Comparing Fahrenheit 451 with the Island

The dystopic novel, Fahrenheit 451, is directly related to the movie, the Island. The main character of Fahrenheit 451, Montag, can be juxtaposed in both similar ways and contrasting ways to the main character of the Island, Lincoln. They are both curious, adventurous, and willing to break the law in order to discover the truth. Montag steals books from the fires he burns and reads them in an attempt to uncover the truth of society. He also killed Captain Beatty because he felt obligated to continue his mission, so he evaded the law. Lincoln escaped the society that he lived in because he realized that there was more to life and that he has been manipulated into believing in the ‘contamination’. The difference between Montag and Lincoln is that Montag was motivated towards his mission by Clarisse, who was an outside influence. Lincoln, on the other hand, felt the motivation because, independently, he discovered a bug. The bug implied that there was a real world, outside the institution. Both societies revolve around authority and power. Although, in Fahrenheit 451, the government burns books because they believe it is in the best interests of the citizens. It is believed that education hurts the consciences of individuals. In the Island, Dr. Merrick does not acknowledge what is in the best interests of the clones, even though they are true and real people with emotions. Fahrenheit 451 and the Island are dystopic potentials of today’s society. They exhibit circumstances that could arise if the futuristic world were to experience a series of disastrous events.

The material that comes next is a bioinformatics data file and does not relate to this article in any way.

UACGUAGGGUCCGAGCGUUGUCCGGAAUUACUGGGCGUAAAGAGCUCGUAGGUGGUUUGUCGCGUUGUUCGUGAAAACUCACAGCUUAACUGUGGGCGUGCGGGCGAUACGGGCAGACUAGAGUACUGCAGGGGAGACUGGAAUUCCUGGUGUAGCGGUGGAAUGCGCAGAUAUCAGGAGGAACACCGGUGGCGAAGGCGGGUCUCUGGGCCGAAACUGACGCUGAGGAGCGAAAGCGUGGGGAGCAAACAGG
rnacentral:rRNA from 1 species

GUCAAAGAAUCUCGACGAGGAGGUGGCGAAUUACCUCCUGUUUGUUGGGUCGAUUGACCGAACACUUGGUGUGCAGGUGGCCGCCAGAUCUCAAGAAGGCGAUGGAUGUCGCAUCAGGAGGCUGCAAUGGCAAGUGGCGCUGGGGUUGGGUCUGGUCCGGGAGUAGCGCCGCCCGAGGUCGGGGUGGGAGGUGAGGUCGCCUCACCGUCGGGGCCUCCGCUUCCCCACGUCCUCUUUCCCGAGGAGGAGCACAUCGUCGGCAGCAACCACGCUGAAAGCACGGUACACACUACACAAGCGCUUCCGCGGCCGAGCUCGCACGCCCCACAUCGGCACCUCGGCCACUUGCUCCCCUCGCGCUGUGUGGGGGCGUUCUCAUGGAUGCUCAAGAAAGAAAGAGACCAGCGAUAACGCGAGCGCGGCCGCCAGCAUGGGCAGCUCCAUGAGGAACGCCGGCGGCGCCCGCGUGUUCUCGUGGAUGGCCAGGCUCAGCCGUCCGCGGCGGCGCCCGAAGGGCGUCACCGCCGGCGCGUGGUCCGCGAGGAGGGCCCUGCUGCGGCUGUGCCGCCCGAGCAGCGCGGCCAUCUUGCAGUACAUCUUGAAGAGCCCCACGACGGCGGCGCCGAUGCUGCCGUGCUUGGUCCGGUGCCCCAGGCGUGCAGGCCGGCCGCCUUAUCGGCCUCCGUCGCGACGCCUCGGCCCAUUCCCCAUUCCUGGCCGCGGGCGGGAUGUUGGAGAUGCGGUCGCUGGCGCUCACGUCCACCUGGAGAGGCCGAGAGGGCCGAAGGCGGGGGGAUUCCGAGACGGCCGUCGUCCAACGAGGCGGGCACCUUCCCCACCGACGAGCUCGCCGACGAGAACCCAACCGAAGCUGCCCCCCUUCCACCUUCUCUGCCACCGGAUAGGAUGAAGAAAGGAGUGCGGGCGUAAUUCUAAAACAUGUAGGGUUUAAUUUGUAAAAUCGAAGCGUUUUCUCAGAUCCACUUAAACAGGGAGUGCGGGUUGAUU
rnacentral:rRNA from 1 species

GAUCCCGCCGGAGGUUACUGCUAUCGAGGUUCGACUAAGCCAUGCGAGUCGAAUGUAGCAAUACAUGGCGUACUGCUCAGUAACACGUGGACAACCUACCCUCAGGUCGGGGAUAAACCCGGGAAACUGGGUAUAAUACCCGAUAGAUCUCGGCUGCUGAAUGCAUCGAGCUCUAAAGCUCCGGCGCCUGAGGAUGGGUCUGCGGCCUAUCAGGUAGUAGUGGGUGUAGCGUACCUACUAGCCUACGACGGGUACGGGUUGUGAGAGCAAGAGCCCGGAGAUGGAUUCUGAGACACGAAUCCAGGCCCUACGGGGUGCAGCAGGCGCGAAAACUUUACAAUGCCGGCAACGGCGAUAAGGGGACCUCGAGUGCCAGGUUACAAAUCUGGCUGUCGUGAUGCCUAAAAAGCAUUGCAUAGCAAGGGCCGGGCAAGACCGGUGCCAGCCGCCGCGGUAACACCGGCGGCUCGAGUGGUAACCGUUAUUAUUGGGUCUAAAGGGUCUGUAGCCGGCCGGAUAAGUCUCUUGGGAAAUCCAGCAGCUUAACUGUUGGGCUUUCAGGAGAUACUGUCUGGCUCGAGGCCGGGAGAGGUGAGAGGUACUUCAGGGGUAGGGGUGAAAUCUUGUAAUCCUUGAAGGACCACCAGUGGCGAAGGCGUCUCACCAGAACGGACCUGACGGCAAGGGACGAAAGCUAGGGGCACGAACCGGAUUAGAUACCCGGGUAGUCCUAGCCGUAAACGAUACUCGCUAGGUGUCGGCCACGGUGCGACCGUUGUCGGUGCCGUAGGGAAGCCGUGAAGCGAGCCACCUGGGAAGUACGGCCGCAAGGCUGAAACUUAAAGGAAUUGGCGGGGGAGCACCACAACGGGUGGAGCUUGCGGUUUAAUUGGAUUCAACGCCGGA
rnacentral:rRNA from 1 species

-Meghan T

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~ by meghan66 on June 13, 2010.

2 Responses to “Comparing Fahrenheit 451 with the Island”

  1. The message between both 451 and The Island is quite similar to Feed in the sense of we know too much. Without advances in technology and changes in society the world we live in today would not be what it is. Clearly there is a downside to the maddness of knowledge. If you could go back in time, where would you draw the line?

  2. My book is a little diffrent, that while your book (451) seems to encourage individualism, the primary society and the Thoguht sahpers in my book are all about the collective, be it in mind or in appearance

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